The Illinois Supreme Court on Thursday ruled in favor of upholding the City of Chicago’s request to preserve all police misconduct records, a decision widely watched by police reform advocates amid protests against police abuses.
The legal challenge brought by the Chicago Chapter of Fraternal Order of Police, which represents roughly 12,000 Chicago officers, is considered to be a setback for the union.
The 6-to-1 ruling dealt with a single legal issue about whether the City of Chicago had a contractual requirement with the Chicago Police Union to destroy misconduct records older than five years.
Since January 1981, the City of Chicago and the Fraternal Order of Police have had a collective bargaining agreement that requires the “destruction of disciplinary and investigation records.” These files are part of investigations by the Civilian Office of Police Accountability (COPA) and the Chicago Police Department’s Bureau of Internal Affairs of alleged misconduct by Chicago Police Department officers.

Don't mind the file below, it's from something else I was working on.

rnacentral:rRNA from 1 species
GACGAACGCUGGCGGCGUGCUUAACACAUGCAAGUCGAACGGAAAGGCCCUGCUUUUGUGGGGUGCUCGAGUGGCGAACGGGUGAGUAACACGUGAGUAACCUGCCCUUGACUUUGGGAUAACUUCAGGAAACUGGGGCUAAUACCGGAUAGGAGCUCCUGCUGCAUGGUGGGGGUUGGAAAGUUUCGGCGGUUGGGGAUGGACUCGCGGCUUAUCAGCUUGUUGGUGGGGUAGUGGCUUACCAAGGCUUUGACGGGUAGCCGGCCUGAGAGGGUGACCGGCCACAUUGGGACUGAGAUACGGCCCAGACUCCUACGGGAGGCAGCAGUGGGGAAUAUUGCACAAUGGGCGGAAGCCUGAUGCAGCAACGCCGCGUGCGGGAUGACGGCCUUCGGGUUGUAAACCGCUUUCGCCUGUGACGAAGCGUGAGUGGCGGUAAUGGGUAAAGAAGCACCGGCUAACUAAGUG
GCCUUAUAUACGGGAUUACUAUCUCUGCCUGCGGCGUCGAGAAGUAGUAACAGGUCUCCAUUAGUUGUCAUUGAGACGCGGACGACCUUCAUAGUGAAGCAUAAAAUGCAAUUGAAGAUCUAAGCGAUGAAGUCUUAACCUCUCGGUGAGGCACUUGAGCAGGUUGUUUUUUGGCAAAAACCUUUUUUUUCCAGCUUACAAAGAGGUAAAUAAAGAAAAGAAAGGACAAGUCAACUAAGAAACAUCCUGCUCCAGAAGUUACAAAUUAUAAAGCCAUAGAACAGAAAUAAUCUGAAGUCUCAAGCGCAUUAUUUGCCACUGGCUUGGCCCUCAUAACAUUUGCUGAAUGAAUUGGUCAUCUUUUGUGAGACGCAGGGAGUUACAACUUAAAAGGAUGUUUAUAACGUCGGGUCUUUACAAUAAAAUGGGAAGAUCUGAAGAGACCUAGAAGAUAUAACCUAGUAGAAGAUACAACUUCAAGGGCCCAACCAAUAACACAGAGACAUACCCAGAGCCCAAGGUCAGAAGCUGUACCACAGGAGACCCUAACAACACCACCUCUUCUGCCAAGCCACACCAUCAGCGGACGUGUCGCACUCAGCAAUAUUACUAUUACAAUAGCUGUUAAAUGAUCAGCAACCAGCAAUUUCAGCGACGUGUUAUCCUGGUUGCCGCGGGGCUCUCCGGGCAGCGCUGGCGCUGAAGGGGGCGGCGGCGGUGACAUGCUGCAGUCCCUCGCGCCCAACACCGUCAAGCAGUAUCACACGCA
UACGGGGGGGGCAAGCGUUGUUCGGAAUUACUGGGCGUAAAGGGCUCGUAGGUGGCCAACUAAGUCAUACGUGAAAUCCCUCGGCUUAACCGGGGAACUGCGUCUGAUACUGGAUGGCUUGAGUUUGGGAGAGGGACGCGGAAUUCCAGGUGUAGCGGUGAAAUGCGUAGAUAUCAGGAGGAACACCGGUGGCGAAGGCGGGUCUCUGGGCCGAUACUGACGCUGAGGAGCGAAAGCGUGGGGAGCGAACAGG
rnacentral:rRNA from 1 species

Up until 1991, the City destroyed police records, but that was changed when a federal district judge entered a 1991 order in a civil rights case requiring the city to stop destroying complaint register files. In 2011 and 2012, the Fraternal Order of Police filed two grievances over the city’s failure to destroy records older than five years. The city denied the police union’s request and the police union started arbitration.
The Illinois Supreme Court’s decision upheld a previous appellate court decision in July 2018 that sided with the city.
Justice Thomas Kilbride, the only judge voting against the decision, dissented with the opinion writing, “I firmly believe that police misconduct must be rooted out” but added that “there is, however a separate 'well-defined and dominate' public policy in state law to enforce collective-bargaining agreements.”